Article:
Whereas in 1993, 56% of Americans frowned on the activity, now 55% of the 1,000 people surveyed approve it – and it even has support from both the Democrats and the GOP; 57% and 53% in favor, respectively.
The survey also found that 21% of sports fans have placed a wager on a professional sporting event in the last lustrum, while 16% have taken part in a fantasy sports contest in that same period of time.
The NCAA and major professional sports leagues have, on the other hand, sued New Jersey Governor Chris Christie to prevent the Garden State from allowing its casinos and racetracks to offer sports wagering.
The Supreme Court agreed last June to hear a case examining the Professional and Amateur Sports Protection Act of 1992 (PASPA), the federal ban on sports gambling, and is expected to do so at the end of November.
At the same time, Republican congressmen Doug Collins of Georgia and Frank LoBiondo of New Jersey are calling for a hearing on the subject in the House Judiciary Committee, while the Democrat from New Jersey, Frank Pallone, is circulating draft legislation of a bill which goal is to repeal PASPA.
“A majority of Americans now favor sports betting, but this is especially true among respondents younger than 50,” co-director of the UMass Lowell Center for Public Opinion Professor Joshua Dyck said in a statement.
“This suggests that support may actually continue to increase in years to come. I would not be surprised if we see a push to legalize sports betting in more states, especially in states with the ballot initiative.”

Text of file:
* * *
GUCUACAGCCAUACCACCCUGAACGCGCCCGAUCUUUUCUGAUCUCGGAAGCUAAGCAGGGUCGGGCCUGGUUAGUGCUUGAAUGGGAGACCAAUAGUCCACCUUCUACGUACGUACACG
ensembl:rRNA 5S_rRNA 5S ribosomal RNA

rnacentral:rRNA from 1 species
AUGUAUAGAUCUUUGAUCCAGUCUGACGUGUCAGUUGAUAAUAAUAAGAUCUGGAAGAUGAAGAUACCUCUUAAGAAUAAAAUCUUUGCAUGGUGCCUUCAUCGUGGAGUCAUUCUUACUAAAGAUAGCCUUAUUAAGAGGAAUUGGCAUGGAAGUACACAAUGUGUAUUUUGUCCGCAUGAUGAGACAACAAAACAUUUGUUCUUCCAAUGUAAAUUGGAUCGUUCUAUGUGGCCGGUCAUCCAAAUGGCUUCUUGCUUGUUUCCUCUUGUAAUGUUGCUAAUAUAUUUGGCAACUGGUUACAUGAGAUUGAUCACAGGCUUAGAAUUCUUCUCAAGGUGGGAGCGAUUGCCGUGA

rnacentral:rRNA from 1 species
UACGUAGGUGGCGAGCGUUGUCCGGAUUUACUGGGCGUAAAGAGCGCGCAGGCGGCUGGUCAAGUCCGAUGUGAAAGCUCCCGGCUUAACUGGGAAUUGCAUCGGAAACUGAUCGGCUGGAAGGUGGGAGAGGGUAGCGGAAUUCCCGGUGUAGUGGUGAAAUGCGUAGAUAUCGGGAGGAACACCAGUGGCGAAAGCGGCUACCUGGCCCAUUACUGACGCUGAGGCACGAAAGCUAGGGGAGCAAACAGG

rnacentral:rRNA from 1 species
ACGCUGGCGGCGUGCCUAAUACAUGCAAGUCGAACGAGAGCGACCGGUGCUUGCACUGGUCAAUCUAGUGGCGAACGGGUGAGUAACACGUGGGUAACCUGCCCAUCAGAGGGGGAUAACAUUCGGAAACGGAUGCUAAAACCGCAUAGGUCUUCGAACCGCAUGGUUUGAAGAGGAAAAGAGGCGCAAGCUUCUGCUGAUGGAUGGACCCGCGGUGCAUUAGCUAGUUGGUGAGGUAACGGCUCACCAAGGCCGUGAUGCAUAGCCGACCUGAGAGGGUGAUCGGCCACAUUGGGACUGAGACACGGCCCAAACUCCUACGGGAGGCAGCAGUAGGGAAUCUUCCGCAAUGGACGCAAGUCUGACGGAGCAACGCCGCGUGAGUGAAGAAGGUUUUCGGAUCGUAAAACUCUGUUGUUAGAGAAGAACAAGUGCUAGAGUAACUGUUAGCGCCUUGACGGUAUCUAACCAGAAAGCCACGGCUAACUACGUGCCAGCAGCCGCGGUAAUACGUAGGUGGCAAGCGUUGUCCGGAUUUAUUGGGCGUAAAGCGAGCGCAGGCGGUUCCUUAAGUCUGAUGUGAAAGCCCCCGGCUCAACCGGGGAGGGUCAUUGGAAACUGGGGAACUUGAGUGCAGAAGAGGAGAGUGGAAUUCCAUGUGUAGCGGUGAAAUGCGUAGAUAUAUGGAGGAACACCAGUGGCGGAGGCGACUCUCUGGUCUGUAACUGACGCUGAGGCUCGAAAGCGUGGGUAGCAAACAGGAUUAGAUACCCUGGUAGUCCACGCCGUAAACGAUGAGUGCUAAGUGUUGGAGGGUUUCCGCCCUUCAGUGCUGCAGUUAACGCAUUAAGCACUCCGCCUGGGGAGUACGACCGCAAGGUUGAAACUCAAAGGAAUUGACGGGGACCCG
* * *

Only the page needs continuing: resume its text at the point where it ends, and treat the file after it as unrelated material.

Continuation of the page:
At this juncture in time, Nevada, Montana, Oregon, and Delaware are the only four states of the Union permitted to take bets on sporting activities. However, several other states have filed challenges to the ban in the past few months.
According to president and CEO of the American Gaming Association Geoff Freeman, a repeal of the nationwide ban could take place before the first term of President Trump’s presidency is over. And, since there probably won’t be a second term, let’s just hope that will be the case.
“Literally, we’re at the 1-yard line, and it’s first-and-goal,” sports gaming law expert and attorney at Becker & Poliakoff in Fort Lauderdale Daniel Wallach said, and very appropriately too, given the topic being discussed.
Support for legalization was strongest among respondents who had placed a sports wager in the last five years (84%), and almost as strong among fans who had played in a fantasy sports league (79%), avid sports fans (70%), men (63%), people with household incomes of $100,000 or more (61%) and NFL fans (60%).
Opposition to sports betting seems to be decreasing in older generations. In 1993, 29% of Americans 50 and older supported legalizing sports gambling, as did 48% of adults younger than 50. These days, 46% of people older than 50 support legalization, a number that rises to 62% in Americans aged 18 to 49.